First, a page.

Local Economic Development is at the epicentre of South Africa’s growth, and government is emphasising its implementation in policies, strategies and developmental goals of the country. Therefore, different government institutions, private sector entities, civil society organisations and even communities have been tasked with the implementation of Local Economic Development in their local areas. However, in reviewing the implementation processes, there is evidence of a lack of information sharing amongst all respective stakeholders as well as information quality constraints relating to relevant, accurate and up-to-date information regarding Local Economic Development implementation. The research in this paper undertook an exploratory approach aimed at identifying and establishing how a management information system can be customised to be used by all relevant Local Economic Development stakeholders within the province of KwaZulu-Natal and a framework was produced. A qualitative design was utilised through conducting 16 in-depth interviews with Local Economic Development managers from three government departments and district municipalities and one metropolitan municipality in KwaZulu-Natal and two development agencies. The overall findings of the paper revealed that there is currently no integrated management information system in place for Local Economic Development stakeholders to create, store and share critical information required for effective and efficient economic development practice. Results imply that such information sharing could, in turn, enhance Local Economic Development implementation in various ways if designed according to the needs of the users. Recommendations include each stakeholder to address internal-oriented data-management techniques for information management strategy or culture.
      Citation: Local Economy
      PubDate: 2020-07-03T05:58:05Z
      DOI: 10.1177/0269094220936216
  • The value chain and activities of polyethylene terephthalate plastics in
           the South African waste economy
    • Authors: Marlin Hoffman, Catherina Schenck
      First page: 523
      Abstract: Local Economy, Ahead of Print.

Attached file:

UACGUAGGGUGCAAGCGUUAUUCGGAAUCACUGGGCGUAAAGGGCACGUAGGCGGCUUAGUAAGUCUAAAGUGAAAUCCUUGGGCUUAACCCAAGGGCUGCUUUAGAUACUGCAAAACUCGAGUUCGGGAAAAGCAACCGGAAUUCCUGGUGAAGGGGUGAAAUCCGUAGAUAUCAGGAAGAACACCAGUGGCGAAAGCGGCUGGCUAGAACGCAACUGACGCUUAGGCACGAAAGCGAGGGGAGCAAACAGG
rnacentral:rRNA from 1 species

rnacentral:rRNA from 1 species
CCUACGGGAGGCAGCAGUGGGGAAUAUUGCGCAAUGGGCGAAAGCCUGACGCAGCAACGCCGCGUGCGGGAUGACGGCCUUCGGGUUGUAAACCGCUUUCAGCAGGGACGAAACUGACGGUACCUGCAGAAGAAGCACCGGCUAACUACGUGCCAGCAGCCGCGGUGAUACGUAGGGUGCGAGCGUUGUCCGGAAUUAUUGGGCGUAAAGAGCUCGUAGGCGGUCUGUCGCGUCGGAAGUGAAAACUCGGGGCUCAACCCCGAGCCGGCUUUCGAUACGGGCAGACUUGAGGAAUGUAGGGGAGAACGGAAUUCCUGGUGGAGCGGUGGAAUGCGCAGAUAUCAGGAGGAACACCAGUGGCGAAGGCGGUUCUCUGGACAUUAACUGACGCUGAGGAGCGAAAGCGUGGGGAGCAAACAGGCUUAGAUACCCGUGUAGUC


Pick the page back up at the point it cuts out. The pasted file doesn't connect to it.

IntroductionValue chains in their entirety, within the South African context, have not been the focus of much research thus far. A plethora of research has been done on the various actors within the value chain, but the rest of the value chain has not been identified and depicted. Failing to understand and describe the entire value chain of polyethylene terephthalate plastics has led to many unanswered questions and misunderstood impacts on the plastics waste economy.PurposeThe purpose of the study was to document and depict the value chain and its activities within the polyethylene terephthalate waste economy in South Africa, which, according to the available literature, has not been done before. The documentation of the value chain and its activities will assist in identifying the possibilities of job creation within the waste economy, which could impact the diversion of waste from the landfill.MethodA qualitative research approach with an exploratory research design was followed, and the data collection was done by means of a workshop. The participants in the workshop included captains of industry, entrepreneurs, academics, government, environmental groups and environmental non-governmental organizations. The workshop was recorded audio-visually, and concepts and discussions were documented for this purpose. All information was transcribed and documented in a final document.ResultsThe value chain and its activities were documented.ConclusionThe information collected is a starting point for more research within the waste economy, as the process will be followed with other waste streams. Job creation gaps have been identified and further research has started creating a better understanding of the value chain, which will influence policy.
      Citation: Local Economy
      PubDate: 2020-06-17T12:01:00Z
      DOI: 10.1177/0269094220931697
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Heriot-Watt University
Edinburgh, EH14 4AS, UK